Tuesday, June 11, 2013

Classic Films in Focus: CHANDU THE MAGICIAN (1932)

In the 1930s, Chandu the Magician was a popular radio program with a supernatural twist that lent itself to eerie sound effects, replete with the creaking doors, ringing bells, and ominous footsteps that made such programs so delightfully spine-tingling for their listeners. The movie version sought to take advantage of the original’s popularity with audiences, but it also had to translate the spooky chills into a visual medium, no small task considering a plot that involves astral bells, hypnotism, and hallucinations as well as exotic locations. Happily, Chandu the Magician (1932) manages to deliver quite a thrilling ride for viewers, thanks to inventive direction by William Cameron Menzies and Marcel Varnel. If Edmund Lowe is a bit stiff as the title hero, the special effects and sense of adventure go a long way to make up for it, but the real treat here is a deliciously evil performance by Bela Lugosi as a madman bent on controlling the world.

Lowe plays Frank Chandler, better known as Chandu the Magician, a white man who has acquired the mental powers of the Hindu yogi as well as their taste in headgear. Chandu leaves India for Egypt to defend the world and his sister’s family against the maniacal Roxor (Lugosi), who hopes to take over the planet by means of a giant death ray invented by Chandu’s brother-in-law, Robert Regent (Henry B. Walthall). Roxor will stop at nothing to gain knowledge of the ray, and Chandu finds himself, his family, and his lovely friend Princess Nadji (Irene Ware) in constant peril from Roxor’s countless lackeys and spies.

Chandu the Magician plays more or less as a horror story because of Bela Lugosi’s presence and the constant threats of sexual violence and torture set against the creepy backdrop of an Egyptian tomb. Fans of adventure stories, however, will notice the beats of that genre as part of the film’s makeup, as well. The set pieces, like the Hindu temple and the slave market, are meant to transport and excite the viewer with their exotic spectacles, and they succeed admirably. The special effects include duplicate versions of Chandu that appear and disappear, guns that change into snakes, ropes that hang in midair, and miniature versions of the boozy sidekick, Miggles (Herbert Mundin), that materialize to taunt him whenever he takes a drink. In between there are plenty of extreme closeup shots of Chandu’s hypnotic eyes and the frozen gazes of his victims.

The performances in the film are a mixed bag, but overall they work well enough to keep the picture interesting. Edmund Lowe, a leading man of the period who had previously played a magician in The Spider (1931), is not really unearthly enough to be credible as a mystic hypnotist, but he looks good in the disguises and has a hearty, masculine presence that works better with the adventure aspect than the supernatural one. Irene Ware puts her beautiful eyes to good use as the love interest, but Virginia Hammond and June Lang (credited as June Vlasek) don’t have a lot to do as the other women except to project the occasional terrified reaction shot. Herbert Mundin has several funny bits as the comic relief, and Henry B. Walthall holds his own as the captive inventor of the death ray, although it’s puzzling why a man with his strong moral convictions would create such a thing in the first place. Bela Lugosi, however, rules the cast with his terrific performance; this is really one of the best places to see him, freed from the distracting makeup and costumes of his more famous roles. In Chandu he looks slim, menacing, and full of sinister energy, and he gets plenty of dialogue to play with, too. He has so much screen presence that the studio got rid of Lowe and cast Lugosi as Chandu in the subsequent films.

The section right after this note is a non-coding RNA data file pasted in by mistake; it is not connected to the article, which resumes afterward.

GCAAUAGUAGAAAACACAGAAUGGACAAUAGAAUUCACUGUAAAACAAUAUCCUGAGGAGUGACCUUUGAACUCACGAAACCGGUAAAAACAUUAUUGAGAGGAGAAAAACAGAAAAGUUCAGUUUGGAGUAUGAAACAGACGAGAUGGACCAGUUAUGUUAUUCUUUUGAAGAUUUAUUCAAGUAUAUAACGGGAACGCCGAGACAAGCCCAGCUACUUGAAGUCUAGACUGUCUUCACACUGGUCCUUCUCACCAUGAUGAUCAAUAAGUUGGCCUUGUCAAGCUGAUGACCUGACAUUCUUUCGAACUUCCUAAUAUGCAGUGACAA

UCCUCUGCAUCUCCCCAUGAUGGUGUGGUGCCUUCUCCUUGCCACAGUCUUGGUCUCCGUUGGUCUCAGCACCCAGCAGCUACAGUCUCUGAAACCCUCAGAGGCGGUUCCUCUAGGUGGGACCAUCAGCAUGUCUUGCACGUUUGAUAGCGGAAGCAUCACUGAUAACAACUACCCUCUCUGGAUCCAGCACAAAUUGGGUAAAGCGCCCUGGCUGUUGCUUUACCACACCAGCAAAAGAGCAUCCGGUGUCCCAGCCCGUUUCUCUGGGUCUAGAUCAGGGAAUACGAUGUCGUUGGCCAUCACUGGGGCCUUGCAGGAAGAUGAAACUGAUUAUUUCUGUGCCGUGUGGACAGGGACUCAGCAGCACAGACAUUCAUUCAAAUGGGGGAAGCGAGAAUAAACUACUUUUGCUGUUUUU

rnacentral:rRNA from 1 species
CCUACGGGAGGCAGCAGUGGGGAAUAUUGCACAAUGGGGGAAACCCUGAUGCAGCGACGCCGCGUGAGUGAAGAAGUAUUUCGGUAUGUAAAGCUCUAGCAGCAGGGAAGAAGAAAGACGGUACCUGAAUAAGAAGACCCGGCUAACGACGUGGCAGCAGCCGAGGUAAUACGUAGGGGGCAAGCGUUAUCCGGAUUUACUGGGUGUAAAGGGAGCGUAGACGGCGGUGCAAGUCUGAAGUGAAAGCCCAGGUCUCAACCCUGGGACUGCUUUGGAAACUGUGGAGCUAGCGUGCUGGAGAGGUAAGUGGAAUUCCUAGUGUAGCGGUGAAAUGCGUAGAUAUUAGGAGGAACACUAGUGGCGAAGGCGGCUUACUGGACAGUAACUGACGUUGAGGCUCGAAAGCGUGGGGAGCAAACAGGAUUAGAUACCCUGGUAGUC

For more of William Cameron Menzies’ work in this vein, try Things to Come (1936) or Invaders from Mars (1953). He won two Oscars as an Art Director, for The Dove (1927) and Tempest (1928). Marcel Varnel also directed Oh, Mr. Porter! (1937) and Convict 99 (1938). Give Edmund Lowe another look in Dinner at Eight (1933) and Dillinger (1945). You might recognize Herbert Mundin as Much in The Adventures of Robin Hood (1938), and you’ll find Henry B. Walthall in more than 300 films, including The Birth of a Nation (1915), Wings (1927), and A Tale of Two Cities (1935). For more of Bela Lugosi, start with Dracula (1931) and then move on to Mark of the Vampire (1935), Son of Frankenstein (1939), and Abbott and Costello Meet Frankenstein (1948), which are just a few of his many memorable screen appearances.